There is less than one month to go before the changes to the Australian skilled migration will come into effect, as outlined in last month’s release of the 2009-10 Budget.
As of the 1 July, the Australian skilled migration program will be downsized again, so that only 108,100 skilled visas are available for people emigrating to Australia. Further, as of this date, the Government will raise the English language requirements for trades occupations in the independent skilled migration pathway so that overseas workers in trade positions are better prepared for working in the Australian workforce.
The Government has made it harder for people emigrating to Australia through the Australian skilled migration program during the recession so that those skilled workers emigrating to Australia support economic growth rather than unnecessarily add to employment competition. Not only has the Government been gradually downsizing the skilled migration program, but it has also implemented a priority processing order for all Australian skilled visas so that the program can target the skills it needs.
Essentially, this means that those Australian visa applications that are employer-sponsored or government-sponsored are given priority for processing because that applicant is filling a specific occupation in the Australian workforce. The Government is also hoping that the government-sponsored and employer-sponsored streams would represent half of all Australian skilled migration visas during the 2009-10 financial year, representing a 30 per cent increase since 2004-05.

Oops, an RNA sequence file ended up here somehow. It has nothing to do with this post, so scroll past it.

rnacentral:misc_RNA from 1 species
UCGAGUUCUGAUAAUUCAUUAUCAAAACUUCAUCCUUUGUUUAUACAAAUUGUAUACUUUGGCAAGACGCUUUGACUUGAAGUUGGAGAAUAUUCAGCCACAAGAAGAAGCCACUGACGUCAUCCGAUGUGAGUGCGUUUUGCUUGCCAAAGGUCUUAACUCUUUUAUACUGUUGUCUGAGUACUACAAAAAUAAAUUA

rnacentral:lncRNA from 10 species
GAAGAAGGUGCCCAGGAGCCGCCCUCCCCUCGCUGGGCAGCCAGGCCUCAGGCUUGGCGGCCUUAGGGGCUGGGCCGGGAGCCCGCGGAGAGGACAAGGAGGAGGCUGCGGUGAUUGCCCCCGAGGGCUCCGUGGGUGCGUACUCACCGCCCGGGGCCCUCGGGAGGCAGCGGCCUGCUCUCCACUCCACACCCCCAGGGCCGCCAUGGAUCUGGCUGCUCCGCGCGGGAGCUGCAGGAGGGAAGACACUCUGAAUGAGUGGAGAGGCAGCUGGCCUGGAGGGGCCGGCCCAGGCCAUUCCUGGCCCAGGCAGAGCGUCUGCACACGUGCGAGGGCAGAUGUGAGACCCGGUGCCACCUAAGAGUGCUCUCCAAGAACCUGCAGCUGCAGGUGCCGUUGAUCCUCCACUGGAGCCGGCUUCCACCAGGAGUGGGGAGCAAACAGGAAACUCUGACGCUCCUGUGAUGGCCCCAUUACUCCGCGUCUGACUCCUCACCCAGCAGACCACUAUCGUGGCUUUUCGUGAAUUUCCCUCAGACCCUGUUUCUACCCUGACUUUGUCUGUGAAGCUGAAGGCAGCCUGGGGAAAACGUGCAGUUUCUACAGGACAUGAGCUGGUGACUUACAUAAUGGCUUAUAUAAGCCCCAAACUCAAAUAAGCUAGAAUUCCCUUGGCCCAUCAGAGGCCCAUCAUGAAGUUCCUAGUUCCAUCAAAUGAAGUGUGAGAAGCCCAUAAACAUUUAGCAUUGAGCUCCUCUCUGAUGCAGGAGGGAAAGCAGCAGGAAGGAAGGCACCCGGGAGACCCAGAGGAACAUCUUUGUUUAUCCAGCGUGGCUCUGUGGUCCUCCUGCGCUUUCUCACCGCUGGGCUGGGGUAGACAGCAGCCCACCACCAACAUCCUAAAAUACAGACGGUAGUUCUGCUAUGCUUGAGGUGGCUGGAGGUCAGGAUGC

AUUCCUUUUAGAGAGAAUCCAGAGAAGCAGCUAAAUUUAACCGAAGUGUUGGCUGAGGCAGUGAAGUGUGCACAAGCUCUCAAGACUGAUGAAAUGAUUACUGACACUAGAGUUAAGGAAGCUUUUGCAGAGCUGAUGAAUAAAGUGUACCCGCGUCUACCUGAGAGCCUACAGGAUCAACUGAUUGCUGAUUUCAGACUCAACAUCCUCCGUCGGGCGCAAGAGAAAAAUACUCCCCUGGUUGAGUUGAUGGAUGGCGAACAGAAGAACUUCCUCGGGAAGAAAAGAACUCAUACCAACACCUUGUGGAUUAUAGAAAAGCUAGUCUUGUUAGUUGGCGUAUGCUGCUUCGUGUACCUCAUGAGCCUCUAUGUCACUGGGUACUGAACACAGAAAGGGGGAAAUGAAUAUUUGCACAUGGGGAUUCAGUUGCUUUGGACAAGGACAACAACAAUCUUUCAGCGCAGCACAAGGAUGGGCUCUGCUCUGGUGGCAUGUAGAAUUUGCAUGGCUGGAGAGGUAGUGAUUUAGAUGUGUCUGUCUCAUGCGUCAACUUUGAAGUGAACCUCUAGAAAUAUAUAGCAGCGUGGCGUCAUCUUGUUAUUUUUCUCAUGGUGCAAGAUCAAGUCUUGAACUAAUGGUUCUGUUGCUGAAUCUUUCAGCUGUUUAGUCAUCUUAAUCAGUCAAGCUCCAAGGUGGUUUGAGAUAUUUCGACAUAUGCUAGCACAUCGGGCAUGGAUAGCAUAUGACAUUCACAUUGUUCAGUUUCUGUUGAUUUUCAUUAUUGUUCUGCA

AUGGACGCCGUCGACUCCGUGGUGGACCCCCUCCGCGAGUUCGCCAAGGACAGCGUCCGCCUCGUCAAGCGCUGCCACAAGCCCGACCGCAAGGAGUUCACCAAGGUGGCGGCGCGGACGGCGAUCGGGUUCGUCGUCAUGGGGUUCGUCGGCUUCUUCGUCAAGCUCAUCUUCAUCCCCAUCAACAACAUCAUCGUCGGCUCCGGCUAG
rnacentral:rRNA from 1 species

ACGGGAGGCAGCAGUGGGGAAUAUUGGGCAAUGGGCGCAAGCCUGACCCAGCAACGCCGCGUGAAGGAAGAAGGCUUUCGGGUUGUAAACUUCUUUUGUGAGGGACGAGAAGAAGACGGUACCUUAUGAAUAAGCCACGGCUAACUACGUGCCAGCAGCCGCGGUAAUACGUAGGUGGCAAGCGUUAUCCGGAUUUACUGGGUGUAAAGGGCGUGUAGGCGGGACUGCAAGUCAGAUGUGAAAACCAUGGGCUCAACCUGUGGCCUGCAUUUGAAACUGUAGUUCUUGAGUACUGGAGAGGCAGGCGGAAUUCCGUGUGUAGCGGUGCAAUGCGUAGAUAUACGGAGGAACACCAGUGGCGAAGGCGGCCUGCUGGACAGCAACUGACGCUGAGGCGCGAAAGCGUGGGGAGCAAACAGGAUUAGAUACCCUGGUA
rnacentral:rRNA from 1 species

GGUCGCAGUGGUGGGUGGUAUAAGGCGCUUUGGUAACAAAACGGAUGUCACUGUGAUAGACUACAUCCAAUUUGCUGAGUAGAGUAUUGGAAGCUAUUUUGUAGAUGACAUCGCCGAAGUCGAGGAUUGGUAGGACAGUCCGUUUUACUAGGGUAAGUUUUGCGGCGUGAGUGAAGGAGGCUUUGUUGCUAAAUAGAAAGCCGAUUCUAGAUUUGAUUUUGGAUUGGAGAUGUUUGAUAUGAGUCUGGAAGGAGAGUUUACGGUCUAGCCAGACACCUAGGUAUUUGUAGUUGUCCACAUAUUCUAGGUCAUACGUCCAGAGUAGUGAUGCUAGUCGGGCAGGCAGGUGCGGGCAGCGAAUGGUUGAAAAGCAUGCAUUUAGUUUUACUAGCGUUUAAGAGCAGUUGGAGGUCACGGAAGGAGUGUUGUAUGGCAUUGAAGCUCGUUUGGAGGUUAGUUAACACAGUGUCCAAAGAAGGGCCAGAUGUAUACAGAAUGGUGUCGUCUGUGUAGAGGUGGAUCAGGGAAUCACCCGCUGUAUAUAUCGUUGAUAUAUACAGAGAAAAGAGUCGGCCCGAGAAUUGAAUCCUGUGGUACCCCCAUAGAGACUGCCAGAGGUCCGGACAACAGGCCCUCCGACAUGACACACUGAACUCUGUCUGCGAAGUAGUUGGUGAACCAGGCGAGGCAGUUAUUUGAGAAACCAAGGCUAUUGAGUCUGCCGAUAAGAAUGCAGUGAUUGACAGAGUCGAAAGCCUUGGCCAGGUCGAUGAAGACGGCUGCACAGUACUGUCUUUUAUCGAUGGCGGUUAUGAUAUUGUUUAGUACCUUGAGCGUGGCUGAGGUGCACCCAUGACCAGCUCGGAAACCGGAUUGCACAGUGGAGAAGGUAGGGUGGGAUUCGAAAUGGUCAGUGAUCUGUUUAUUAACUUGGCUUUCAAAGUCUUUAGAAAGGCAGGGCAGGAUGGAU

In 2004-05, government-sponsored and employer-sponsored streams represented 22 per cent of a much smaller skills program, meaning that only 17,160 sponsored visas were planned during that financial year. The Government’s aim to have 50 per cent of the 108,100 skilled visas in next year’s planning levels (or 54,050 skilled visas) shows a massive turn-around in immigration policy during the past five years.
Secondly, all independent Australian visa applications with a nominated skill listed on the Critical Skills List (CSL) will be next in line for processing, because the Government has confirmed that that skill is in demand in Australia. All other independent Australian visa applications in the skilled stream will be processed thereafter.
While the downsizing of the Australian skilled migration program in June will not have an immediate effect on the progress of an Australian visa application (the program is still running at very high levels), the impending changes to the English language requirements for trades occupations may require people emigrating to Australia to submit their Australian visa application before this date.
The Government has increased the International English Language Testing System (IELTS) score from 5 to 6 for those applicants who do not have a sponsor and are using a trade occupation as their nominated skill.
Onshore applicants in this category will also need to complete a job readiness test to have their skills assessed, so that they can prove they have the skills nominated in their Australian skilled migration application. The job readiness test will also need to match that of the tests required from offshore applicants in this category, to ensure that all trades persons applying for non-sponsored skilled migration have the same level of competence.
“The Government has begun the task of constructing a long-term planning framework for migration as a key component of the current reform agenda,” Senator Evans said in a statement last month.